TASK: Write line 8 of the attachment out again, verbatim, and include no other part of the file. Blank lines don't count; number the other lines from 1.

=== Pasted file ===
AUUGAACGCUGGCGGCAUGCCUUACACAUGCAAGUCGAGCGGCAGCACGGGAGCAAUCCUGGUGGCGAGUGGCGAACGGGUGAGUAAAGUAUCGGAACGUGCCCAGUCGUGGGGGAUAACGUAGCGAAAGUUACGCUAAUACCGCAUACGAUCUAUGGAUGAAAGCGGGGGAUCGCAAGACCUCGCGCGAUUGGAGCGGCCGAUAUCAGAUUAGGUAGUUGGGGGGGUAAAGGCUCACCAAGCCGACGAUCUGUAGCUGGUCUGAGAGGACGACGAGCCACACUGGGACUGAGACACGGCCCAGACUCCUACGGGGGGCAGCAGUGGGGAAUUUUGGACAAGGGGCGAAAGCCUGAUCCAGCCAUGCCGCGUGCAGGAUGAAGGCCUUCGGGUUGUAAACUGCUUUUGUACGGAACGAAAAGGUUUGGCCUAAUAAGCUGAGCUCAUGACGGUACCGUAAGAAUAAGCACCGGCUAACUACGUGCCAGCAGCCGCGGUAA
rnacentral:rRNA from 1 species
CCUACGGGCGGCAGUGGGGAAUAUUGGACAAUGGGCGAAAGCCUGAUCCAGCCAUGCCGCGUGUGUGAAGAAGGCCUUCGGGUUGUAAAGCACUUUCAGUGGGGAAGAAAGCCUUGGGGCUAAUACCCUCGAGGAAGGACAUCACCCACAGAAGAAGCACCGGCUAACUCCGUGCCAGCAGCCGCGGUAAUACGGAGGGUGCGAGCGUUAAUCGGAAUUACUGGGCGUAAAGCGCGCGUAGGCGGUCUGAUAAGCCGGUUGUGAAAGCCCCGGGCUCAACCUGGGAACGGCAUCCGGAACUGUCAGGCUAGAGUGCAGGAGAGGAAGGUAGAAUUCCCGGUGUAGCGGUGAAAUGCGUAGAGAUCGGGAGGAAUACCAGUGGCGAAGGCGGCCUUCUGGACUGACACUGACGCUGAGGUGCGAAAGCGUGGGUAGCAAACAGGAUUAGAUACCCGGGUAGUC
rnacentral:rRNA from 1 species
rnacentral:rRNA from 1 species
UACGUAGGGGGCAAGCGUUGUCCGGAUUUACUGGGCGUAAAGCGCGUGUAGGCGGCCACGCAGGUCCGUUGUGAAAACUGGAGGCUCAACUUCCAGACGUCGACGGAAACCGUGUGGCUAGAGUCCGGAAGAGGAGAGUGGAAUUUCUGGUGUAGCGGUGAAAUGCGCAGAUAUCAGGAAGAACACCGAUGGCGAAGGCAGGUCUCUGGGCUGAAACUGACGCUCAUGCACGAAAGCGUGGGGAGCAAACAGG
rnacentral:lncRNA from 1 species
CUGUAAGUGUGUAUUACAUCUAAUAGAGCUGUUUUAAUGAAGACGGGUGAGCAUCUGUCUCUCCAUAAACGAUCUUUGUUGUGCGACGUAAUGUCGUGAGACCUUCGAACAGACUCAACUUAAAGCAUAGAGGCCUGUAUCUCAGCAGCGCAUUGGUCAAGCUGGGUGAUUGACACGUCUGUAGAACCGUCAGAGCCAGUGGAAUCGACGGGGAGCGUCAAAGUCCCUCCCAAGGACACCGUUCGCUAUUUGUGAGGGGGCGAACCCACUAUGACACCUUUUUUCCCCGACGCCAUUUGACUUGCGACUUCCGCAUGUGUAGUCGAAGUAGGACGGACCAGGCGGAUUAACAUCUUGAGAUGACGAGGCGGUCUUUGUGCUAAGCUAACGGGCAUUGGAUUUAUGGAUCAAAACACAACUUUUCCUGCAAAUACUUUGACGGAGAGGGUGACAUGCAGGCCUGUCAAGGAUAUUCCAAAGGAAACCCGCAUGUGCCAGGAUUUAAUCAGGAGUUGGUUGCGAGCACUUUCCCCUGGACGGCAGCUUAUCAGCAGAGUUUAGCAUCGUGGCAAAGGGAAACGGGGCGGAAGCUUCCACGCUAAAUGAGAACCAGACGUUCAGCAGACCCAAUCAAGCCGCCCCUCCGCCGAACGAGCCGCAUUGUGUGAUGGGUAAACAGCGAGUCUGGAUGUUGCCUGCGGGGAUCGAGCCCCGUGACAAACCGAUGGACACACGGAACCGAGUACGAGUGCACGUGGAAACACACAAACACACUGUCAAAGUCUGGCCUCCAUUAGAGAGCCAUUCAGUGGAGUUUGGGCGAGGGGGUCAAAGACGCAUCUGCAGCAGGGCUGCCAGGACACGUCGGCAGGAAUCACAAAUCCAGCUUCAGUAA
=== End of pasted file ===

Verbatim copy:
CUGUAAGUGUGUAUUACAUCUAAUAGAGCUGUUUUAAUGAAGACGGGUGAGCAUCUGUCUCUCCAUAAACGAUCUUUGUUGUGCGACGUAAUGUCGUGAGACCUUCGAACAGACUCAACUUAAAGCAUAGAGGCCUGUAUCUCAGCAGCGCAUUGGUCAAGCUGGGUGAUUGACACGUCUGUAGAACCGUCAGAGCCAGUGGAAUCGACGGGGAGCGUCAAAGUCCCUCCCAAGGACACCGUUCGCUAUUUGUGAGGGGGCGAACCCACUAUGACACCUUUUUUCCCCGACGCCAUUUGACUUGCGACUUCCGCAUGUGUAGUCGAAGUAGGACGGACCAGGCGGAUUAACAUCUUGAGAUGACGAGGCGGUCUUUGUGCUAAGCUAACGGGCAUUGGAUUUAUGGAUCAAAACACAACUUUUCCUGCAAAUACUUUGACGGAGAGGGUGACAUGCAGGCCUGUCAAGGAUAUUCCAAAGGAAACCCGCAUGUGCCAGGAUUUAAUCAGGAGUUGGUUGCGAGCACUUUCCCCUGGACGGCAGCUUAUCAGCAGAGUUUAGCAUCGUGGCAAAGGGAAACGGGGCGGAAGCUUCCACGCUAAAUGAGAACCAGACGUUCAGCAGACCCAAUCAAGCCGCCCCUCCGCCGAACGAGCCGCAUUGUGUGAUGGGUAAACAGCGAGUCUGGAUGUUGCCUGCGGGGAUCGAGCCCCGUGACAAACCGAUGGACACACGGAACCGAGUACGAGUGCACGUGGAAACACACAAACACACUGUCAAAGUCUGGCCUCCAUUAGAGAGCCAUUCAGUGGAGUUUGGGCGAGGGGGUCAAAGACGCAUCUGCAGCAGGGCUGCCAGGACACGUCGGCAGGAAUCACAAAUCCAGCUUCAGUAA